What to Know When Changing Adult Diapers

What are adult diapers? Who deals with them?

Adult diapers are one of the more common kinds of incontinence products used by the elderly and others who suffer from leakage and involuntary bowel movements. Diapers are a great way to absorb leakage, keeping mattresses, seats, and clothes dry and clean, especially if the person in need of them is bedridden.

Usually they're used by active adults dealing with incontinence, whereby they wear them and change them themselves, or by caregivers that deal with those who are bedridden that need help changing their diapers. These diapers are typically widely accessible and affordable options for incontinence problems in the market.

In this post we'll guide you through how to change adult diapers, what supplies are recommended when you change an adult diaper, and a number of options that suit different needs.

What are the different kinds of adult diapers?

There is a plethora of different adult diapers that usually vary in style, size, absorption levels and color. In summary, there are two distinct types of adult diapers: those with tabs at the sides of the waist, and those that come in a pull-up style.

The methods of putting them on and changing them will differ depending on the style of the diaper, although one must choose the perfect size in any to avoid leakage due to it being too large, or discomfort if it's too tight. Absorption levels should also be considered depending on the severity of the uncontrollable bowel movements. Generally an adult diaper with pads is used with those who are bed-ridden, whereas a pull-style one is utilized when the patient is able to stand and lean on a bar or a wall.

What supplies do you need when changing an adult diaper?

Whether you were changing them yourself or taking care of others, you must be prepared with certain items before taking on replacing an adult diaper. The list below, however, is catered to caregivers since their job requires a lot more groundwork in order to provide the appropriate support for someone who is bedridden.

Preparing your tools ahead of changing a diaper is vital, so that you don't hurry or scramble for things that you need while keeping your patients waiting and exposed. This will make you more trustworthy and professional, and show that you are handling them with the utmost care. Below is a list of the materials you need to ensure a smooth diaper-changing process, in the order that you need to use them.

1. An Underpad Or a Towel

It's crucial that you place a handy underpad or towel underneath the patient before you start changing them. This will collect any residue or leakage that may drip down once you remove the adult diaper. Underpads are usually disposable (although some are reusable), while towels can be washed and reused for less cost. However, most people prefer the disposable ones even though they're more expensive, as rewashing the soiled towel could be an uncomfortable and not an assuredly sanitary process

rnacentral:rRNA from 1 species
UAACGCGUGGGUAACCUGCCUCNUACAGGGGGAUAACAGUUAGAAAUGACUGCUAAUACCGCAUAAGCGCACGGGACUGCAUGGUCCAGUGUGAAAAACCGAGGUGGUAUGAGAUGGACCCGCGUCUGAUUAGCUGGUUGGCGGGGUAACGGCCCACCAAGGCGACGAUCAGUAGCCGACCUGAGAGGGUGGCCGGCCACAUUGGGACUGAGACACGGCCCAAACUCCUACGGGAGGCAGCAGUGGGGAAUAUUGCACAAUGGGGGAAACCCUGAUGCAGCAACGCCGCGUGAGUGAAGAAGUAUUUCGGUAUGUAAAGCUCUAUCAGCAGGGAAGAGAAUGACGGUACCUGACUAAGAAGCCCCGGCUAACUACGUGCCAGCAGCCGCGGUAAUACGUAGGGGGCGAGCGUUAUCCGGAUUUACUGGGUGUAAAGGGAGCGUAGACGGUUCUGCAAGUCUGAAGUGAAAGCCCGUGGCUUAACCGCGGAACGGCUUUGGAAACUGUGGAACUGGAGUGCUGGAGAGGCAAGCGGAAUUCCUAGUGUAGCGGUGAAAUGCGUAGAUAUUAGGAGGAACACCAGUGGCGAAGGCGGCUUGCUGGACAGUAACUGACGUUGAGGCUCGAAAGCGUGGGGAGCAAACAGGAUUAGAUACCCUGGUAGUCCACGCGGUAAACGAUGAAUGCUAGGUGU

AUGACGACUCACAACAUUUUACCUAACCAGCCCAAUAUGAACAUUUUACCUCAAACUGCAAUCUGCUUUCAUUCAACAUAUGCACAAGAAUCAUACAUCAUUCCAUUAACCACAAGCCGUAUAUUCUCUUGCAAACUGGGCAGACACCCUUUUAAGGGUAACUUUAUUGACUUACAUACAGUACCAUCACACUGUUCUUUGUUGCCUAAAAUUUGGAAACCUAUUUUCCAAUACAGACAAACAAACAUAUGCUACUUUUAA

2. Disposable Gloves

As you will be dealing with a soiled diaper in the removal process, using disposable gloves is necessary for your protection as well as the person you're caring for. You want to avoid cross contamination, especially when dealing with bowel movements in a vulnerable area of the body. Keep in mind to keep another pair near you, as you will need to change your original ones into new ones during the process.

3. A Trash Can

This might seem quite obvious but it could save you time and instantly get rid of the soiled diaper from the diaper-changing process. A nearby trashcan will ensure a quick and smooth change.

4. Wet and Dry Wipes

As soon as that dirty diaper comes off, we want to make sure to clean the area thoroughly before putting on the new diaper. If you're dealing with urinary incontinence, it could suffice that you wipe the area with a dry wipe to soak up the wetness, however for both urinary and fecal incontinence you should go in with wet wipes (ones appropriate for sensitive skin areas, such as baby wipes). Of course, you should be wiping front to back to prevent the unwanted traveling of bacteria and lower the risk of infection.

5. Barrier Creams

While this is not a completely necessary step, applying barrier creams with each change could work to get ahead of diaper rash, as well as irritation caused by the skin's constant contact with acidic urine and fecal matter. Of course, this step becomes absolutely essential if the person already has a rash, and should be done after the area is thoroughly wiped clean and dried.

6. A New Clean Properly Fitting Diaper

Finally, another obvious one, once you're done using all the above products, you can reach for your new clean diaper and put it on the person your caring for.

How do you change the adult diapers?